Denise Oakenfull always wanted to be a policewoman. After finishing school she worked in the Police Records department at the Wellington police station. Back in the 1970s you couldn’t join the Police until you were 21 and it was recommended to her that she should join one of the defence services to gain experience.
Initially Denise joined the Royal New Zealand Navy but while on a drivers course at RNZAF Hobsonville she met her husband to be and changed services to the Air Force.
In 1977 the RNZAF passed an order for equal pay and equal rights, this meant females could now re-muster to different trades that were previously closed off to them. Denise straight away applied to the RNZAF Police.
“I like working with people and I’ve always had an investigative nature, I want to know what is happening and why,” said Denise.
“I questioned a lot of things and I was interested in understanding why people behave the way they do. Corrective measures work in some situations but in others sometimes being able to walk in the person’s shoes and understand their thinking can go a long way. Policing is a very person-focussed job.”
Graduating from the three month police training course in Wigram in April 1978 saw Denise become the first female member of the RNZAF Police.
Denise recalls the years on the job as tough but rewarding “You couldn’t be a meek and mild female in this trade, you needed to have a thick skin. In saying that I loved service life and I enjoyed working in the police trade, it was a great job.”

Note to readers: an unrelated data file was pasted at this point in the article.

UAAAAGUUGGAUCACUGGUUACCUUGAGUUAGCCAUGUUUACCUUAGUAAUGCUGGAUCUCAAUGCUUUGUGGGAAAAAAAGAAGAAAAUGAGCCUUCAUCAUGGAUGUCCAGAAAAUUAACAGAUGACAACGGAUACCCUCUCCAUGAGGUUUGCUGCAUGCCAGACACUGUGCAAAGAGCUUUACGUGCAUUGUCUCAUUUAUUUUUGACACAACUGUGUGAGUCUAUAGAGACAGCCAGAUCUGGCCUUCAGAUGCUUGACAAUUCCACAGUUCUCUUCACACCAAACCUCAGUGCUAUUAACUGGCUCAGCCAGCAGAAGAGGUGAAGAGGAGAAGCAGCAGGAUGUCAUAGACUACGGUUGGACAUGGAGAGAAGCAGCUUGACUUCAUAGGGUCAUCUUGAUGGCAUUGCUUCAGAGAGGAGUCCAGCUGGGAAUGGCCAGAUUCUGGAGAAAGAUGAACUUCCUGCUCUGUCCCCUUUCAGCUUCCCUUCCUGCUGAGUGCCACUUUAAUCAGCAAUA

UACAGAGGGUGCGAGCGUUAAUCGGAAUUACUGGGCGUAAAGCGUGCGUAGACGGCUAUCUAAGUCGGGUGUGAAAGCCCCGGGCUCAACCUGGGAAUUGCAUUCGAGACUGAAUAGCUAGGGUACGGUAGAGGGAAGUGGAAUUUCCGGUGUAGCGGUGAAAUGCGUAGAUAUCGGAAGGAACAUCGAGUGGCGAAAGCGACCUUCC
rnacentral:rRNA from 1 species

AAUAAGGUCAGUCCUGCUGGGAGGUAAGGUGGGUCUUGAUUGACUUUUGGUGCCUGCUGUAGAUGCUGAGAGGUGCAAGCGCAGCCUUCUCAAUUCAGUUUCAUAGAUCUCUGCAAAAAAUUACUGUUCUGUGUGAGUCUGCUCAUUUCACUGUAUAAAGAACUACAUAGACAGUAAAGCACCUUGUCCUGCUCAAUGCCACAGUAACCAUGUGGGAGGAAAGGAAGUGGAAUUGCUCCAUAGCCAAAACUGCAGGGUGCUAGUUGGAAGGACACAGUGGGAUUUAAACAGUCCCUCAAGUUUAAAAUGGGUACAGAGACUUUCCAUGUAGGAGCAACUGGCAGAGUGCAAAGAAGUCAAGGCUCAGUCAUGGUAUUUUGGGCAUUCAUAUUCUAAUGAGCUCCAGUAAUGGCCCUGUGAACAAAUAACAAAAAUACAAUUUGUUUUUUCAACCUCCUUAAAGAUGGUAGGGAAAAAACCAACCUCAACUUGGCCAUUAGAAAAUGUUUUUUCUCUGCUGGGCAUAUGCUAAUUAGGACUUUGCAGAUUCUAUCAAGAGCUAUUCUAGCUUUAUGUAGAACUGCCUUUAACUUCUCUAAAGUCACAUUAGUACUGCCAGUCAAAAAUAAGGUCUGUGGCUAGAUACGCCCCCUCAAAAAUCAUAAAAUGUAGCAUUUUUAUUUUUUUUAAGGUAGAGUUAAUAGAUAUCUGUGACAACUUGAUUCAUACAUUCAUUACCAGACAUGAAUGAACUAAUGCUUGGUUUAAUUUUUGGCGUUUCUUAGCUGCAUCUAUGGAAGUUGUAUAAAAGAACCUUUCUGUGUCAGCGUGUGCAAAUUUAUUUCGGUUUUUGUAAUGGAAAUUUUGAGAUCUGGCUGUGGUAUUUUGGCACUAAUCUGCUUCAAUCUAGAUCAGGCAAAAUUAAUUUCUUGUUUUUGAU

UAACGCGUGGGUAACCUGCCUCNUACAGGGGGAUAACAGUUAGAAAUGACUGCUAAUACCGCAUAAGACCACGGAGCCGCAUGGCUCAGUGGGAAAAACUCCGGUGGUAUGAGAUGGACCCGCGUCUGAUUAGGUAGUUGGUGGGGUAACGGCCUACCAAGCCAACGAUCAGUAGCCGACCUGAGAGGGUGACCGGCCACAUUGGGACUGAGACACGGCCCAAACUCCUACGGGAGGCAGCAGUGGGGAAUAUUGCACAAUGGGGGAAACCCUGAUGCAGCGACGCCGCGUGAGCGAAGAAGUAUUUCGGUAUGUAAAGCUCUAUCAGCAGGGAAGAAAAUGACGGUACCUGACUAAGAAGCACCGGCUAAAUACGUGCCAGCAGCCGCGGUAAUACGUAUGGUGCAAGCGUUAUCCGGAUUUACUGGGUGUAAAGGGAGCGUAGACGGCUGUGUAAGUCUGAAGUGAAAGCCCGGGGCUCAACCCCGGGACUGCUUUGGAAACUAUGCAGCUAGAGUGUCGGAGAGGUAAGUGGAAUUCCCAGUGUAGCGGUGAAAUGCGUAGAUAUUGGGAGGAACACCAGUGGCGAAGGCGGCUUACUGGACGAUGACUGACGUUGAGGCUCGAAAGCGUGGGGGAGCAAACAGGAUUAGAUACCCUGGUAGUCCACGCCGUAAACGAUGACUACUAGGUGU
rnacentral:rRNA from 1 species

After five and a half years, and the birth of her second child (there were no maternity uniforms in the early 1980s), Denise hung up her uniform and returned to civilian life but her career with the Air Force wasn’t finished. Denise went on to be the Instructional Techniques instructor at Ground Training in Woodbourne for six years.
For the past 14 years Denise has worked for the United Nations all around the world, from Haiti to Bangladesh, Pakistan, Somalia and Darfur as a Field Security Adviser and Security Trainer. These roles she says wouldn’t have come about without her Air Force experience.
“The skills I learned and the confidence I gained as a young woman in the Air Force definitely contributed to me being able to make a difference to the safety and security of UN personnel,” said Denise
“I’ve gone on to get a Masters degree in Terrorism, Safety and Security and have been able to travel to places most New Zealanders will never visit. At the end of it no matter what career you chose if you love what you do, use your common sense and do the hard work needed, it will put you on the right path to reach your goals.”